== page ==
Banksy Unveiled The Lisbon Museu Exhibition

Banksy Unveiled: The Lisbon Museu Exhibition

During a pervious 10 day tour through the UK, Bristol was an important stop on the road trip. Having discovered the artist Banksy and his famous “Girl with Balloon”, we had to scout the streets scavenger hunt style in search of the artist's real life creations. The Banksy Lisbon Museu Exhibition is now showcasing reproductions of his greatest works.

The Banksy Lisbon Museu Exhibition was carefully curated to reflect the urban landscapes Banksy had graced with his provocative artwork. Among the first pieces that captured my attention was the vivid rendition of the iconic Flower Thrower. Here, a riot gear-clad figure tossed a bouquet of flowers, the vibrant hues and stencil technique creating a visual paradox that underscored Banksy’s signature blend of satire and poignancy.

Banksy Unveiled The Lisbon Museu Exhibition
"The Flower Thrower"

Moving through the exhibition, I encountered the notorious Girl with a Balloon (shown at the top of the page), now transformed into a self-shredding masterpiece. The deliberate act of devaluing his own creation, a statement on the commodification of art, provided a unique perspective on the transient nature of creativity. This act of defiance challenged the very essence of what constitutes artistic worth.

A particularly captivating section of the exhibition transported me to Dismaland, Banksy’s dystopian amusement park. The recreation vividly portrayed the dark humor and biting commentary on modern society. Walking through the decaying Cinderella castle and witnessing a twisted version of Disneyland underscored the artist’s ability to provoke thought while addressing societal issues head-on.

Dismaland Bankys
Banksy's "Dismaland"

The exhibition also delved into Banksy’s time in Bristol, his hometown and a breeding ground for his early works. Pieces like the iconic chimpanzee donning a sandwich board reading, “Laugh now, but one day we’ll be in charge,” served as a reminder of his roots and the satirical humor that permeates his creations.

Banksy Slave Labor
Banksy's "Slave Labor"

Banksy’s global impact was further showcased through artworks inspired by his experiences in the Ukraine and Israel. A poignant representation of his activism was found in testimonials from those directly affected by his interventions. One such story highlighted a Palestinian family finding solace in his art on the West Bank barrier, while another spoke of a teacher inspired by his work in a classroom. These narratives reinforced the artist’s ability to bridge cultural gaps and ignite conversations on global issues.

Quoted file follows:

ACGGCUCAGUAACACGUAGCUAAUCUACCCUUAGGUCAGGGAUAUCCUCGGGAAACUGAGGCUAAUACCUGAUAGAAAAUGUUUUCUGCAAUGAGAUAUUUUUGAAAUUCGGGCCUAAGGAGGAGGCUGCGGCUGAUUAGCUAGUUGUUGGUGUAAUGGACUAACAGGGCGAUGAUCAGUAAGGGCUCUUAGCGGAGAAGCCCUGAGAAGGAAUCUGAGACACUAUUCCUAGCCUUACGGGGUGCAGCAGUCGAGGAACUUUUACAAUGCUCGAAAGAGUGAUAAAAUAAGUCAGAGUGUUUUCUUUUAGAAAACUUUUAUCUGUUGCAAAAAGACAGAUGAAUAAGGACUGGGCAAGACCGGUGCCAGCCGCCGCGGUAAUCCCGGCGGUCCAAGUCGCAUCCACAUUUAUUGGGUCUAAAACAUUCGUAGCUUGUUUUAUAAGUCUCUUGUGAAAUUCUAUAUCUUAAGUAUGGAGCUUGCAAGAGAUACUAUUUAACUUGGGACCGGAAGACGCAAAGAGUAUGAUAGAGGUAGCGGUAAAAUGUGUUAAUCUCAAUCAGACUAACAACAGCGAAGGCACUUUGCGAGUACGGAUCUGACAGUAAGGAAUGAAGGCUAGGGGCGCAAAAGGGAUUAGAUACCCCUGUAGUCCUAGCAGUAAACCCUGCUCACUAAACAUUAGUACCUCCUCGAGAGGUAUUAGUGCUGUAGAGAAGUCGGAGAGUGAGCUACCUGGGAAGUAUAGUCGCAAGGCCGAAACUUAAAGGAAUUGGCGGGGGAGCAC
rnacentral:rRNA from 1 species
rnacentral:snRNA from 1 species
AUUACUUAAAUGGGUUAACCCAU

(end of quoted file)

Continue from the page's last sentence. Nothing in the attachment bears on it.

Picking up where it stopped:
Banksy Museu Lisbon
Banksy scenes from Ukraine

Celebrating Lisbon Gay Pride Banksy Style!

Kissing Coppers Banksy
"Kissing Coppers"

Banksy, known for his socially conscious and politically charged works, has, on occasion, used his art to engage with LGBTQI themes. While not a predominant focus in his extensive body of work, Banksy has demonstrated a nuanced understanding of social issues, including those related to the LGBTQI community.

Banksy has created works that touch on broader issues of equality and justice, which inherently intersect with LGBTQI rights. His art often challenges societal norms and calls attention to discrimination and prejudice. While not specifically addressing LGBTQI concerns in every piece, the overarching themes of justice, acceptance, and the fight against discrimination align with the broader goals of the LGBTQI rights movement.

Lisbon Pride is a time to acknowledge the challenges faced by the LGBTQI+ community, and the Lisbon Banksy exhibition is a great way to highlight some of Banksy’s LGBTQI+ artworks currently on display.
“Kissing Coppers” was painted on a pub wall in Brighton in 2004. This iconic mural depicts two British policemen kissing. It’s a declaration of love and equality, challenging social norms and prejudices. Painted the same year that the UK passed the Civil Partnership Act, which legally recognized same-sex couple unions

Queen Vic Banksy
"Queen Vic"

Another of his LGBTIQ+ themed artwork in the Banksy Lisbon Museu Exhibition is “Queen Vic” (2003).
This depicts Queen Victoria sitting on a woman’s face.  Considering it’s context, the  Queen had stated that “women cannot be gay” and even went as far as passing a few anti-gay laws.
“Queen Vic” can be seen as Banksy’s response to the historical repression by the monarchy against the LGBTQI+

Exiting the Banksy exhibition in Lisbon, I couldn’t help but marvel at the profound impact of his art. Beyond the visual spectacle, Banksy’s ability to traverse traditional artistic boundaries and deliver powerful messages on political and social issues was both thought-provoking and inspiring. The enigma of Banksy persists, urging us to question, reflect, and perhaps find our own stance in the face of the challenges he skillfully brings to light.

Opening Times & Buying Tickets

                  OPENING HOURS

  • Monday to Friday: 11am – 8pm.
  • Saturday & Sunday: 10 am – 8pm. 
  • Last admission: 1 hour before the closing time.
    Closed: December 25th & January 1st.

    The exhibition is said to end in December 2027.
    * Visit their website regarding the schedule to be applied on holidays and dates with private events.


  • 0-5 years (Child) Free
  • 6-17 years (Youngster) 8,00€
  • 18-64 years 12,00€
  • +65 years (senior) 8,00€
  • Student (18-25 y/d with valid student card) 8,00€
  • Family of 3 (2 adults + 1 youngsters) 28,00€
    • Family of 4 (2 adults + 2 youngsters) 32,00€

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